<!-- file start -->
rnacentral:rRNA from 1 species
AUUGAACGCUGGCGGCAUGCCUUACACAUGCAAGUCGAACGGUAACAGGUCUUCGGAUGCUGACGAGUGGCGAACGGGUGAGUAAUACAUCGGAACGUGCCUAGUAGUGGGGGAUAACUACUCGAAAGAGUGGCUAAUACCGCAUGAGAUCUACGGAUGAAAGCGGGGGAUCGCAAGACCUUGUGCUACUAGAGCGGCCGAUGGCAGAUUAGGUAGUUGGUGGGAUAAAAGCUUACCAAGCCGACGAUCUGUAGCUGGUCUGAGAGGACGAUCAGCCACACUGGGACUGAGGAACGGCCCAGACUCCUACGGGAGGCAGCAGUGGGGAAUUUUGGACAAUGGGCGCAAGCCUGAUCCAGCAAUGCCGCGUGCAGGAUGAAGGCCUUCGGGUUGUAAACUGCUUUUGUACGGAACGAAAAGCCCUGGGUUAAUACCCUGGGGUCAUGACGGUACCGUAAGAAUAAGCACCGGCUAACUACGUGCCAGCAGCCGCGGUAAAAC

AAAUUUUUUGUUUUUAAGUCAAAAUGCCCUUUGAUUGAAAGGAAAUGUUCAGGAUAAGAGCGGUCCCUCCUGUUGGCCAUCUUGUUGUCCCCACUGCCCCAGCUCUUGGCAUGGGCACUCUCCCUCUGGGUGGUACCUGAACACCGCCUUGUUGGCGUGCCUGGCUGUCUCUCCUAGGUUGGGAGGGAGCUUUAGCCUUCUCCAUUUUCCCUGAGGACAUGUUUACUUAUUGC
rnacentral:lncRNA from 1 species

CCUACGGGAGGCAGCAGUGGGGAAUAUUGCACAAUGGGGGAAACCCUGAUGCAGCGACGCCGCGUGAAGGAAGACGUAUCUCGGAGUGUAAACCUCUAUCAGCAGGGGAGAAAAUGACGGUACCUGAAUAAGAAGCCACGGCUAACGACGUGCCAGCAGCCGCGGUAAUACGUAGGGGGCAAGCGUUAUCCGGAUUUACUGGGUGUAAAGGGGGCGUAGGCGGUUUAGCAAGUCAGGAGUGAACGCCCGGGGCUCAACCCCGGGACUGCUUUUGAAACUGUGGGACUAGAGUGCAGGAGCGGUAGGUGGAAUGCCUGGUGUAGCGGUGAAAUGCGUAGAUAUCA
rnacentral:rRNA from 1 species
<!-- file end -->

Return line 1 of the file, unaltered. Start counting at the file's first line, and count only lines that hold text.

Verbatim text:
rnacentral:rRNA from 1 species